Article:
How important is a neuropsych track internship in obtaining a neuropsych post-doc internship?

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Jan 17, 2011
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I'm considering not applying in Phase 2 of the match because there are not good opportunities for neuropsych training.... During Phase 1, I had 8 interviews at some top neuropsych track sites, I received feedback that I was ranked and competitive - but obviously was not ranked high enough. I was wondering if neuropsych folks could shed light on whether an internship that is generalist with only one Neuropsych rotation (4 months) significantly affects your chances of obtaining a Neuropsych post-doc position? As a graduate student, I have had broad assessment and therapy experiences in fairly diverse patient populations and settings (university, community mental health, and in-patient) and also have had 5 first authors pubs (& 4 non-first author) in peer-reviewed mid tier journals. Thanks for your input!

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It's going to mostly depend on your level of grad school neuropysch training. If you've had quite a bit, then a generalist internship isn't necessary a bad/harmful thing when it comes to postdoc applications. However, if your grad school neuropsych training is on the lower side, then a generalist internship could hurt you.

I've certainly known a small handful of folks who had more generalist grad school and internship experiences who then went on to find neuro postdocs, but they weren't as competitive as the more focused folks, and they typically had a lot of ground to make up once they started fellowship (which is already a busy two years to begin with). It's possible, just not ideal.
Thanks for replying. I believe I am somewhere in the middle. I have good "hands-on" experience and have worked with a lot of populations to include older adults, SMI in and out patient, and a university clinic - however, my program lacks didactics/formal training so I sought neuropsych experiences in my practicum and research placements...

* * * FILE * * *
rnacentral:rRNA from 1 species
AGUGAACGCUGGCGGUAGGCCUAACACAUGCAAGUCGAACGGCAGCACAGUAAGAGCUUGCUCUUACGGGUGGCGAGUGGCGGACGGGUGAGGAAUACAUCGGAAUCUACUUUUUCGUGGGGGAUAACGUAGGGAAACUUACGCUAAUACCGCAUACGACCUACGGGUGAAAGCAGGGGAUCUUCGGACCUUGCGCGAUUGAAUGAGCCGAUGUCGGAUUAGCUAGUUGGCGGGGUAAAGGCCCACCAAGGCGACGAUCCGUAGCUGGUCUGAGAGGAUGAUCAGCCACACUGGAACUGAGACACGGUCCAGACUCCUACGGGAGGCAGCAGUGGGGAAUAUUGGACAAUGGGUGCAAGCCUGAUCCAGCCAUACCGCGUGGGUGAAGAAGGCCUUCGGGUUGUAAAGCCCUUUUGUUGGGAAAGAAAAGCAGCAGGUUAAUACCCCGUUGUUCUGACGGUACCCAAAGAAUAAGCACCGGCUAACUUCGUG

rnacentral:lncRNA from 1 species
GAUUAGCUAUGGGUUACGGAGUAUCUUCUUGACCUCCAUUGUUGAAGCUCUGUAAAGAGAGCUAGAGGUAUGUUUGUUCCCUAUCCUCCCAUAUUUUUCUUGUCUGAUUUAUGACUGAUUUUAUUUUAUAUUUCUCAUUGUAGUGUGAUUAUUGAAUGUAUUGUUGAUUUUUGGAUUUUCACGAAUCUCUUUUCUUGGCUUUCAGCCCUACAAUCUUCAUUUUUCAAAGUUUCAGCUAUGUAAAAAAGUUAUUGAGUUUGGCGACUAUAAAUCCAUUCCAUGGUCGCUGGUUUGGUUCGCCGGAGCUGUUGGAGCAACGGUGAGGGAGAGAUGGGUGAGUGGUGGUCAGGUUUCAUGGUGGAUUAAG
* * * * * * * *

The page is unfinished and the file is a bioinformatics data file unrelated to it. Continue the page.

If I'm reading that correctly, it sounds like you weren't able to find formal neuropsych practica, but were able to get some degree of neuropsych exposure on other practicum and research placements? If so, then that, coupled with the lack of formal coursework, means that a neuro-oriented internship is probably going to be in your bests interests. Again, it wouldn't be impossible to find a solid postdoc without one, but it's going to mean you'll likely be at a bit of a disadvantage compared to many of the other applicants, particularly if the sites are looking for folks who're ready to hit the ground running.

If you do go the generalist route (which is a decision only you can make, of course), then I'd strongly recommend you pick a very, very structured neuro postdoc that includes significant didactic and structured supervision opportunities and responsibilities (e.g.,. medical school neuroanatomy course, weekly multidisciplinary case conferences and grand rounds, etc.) as opposted to something more informal like a private practice gig.
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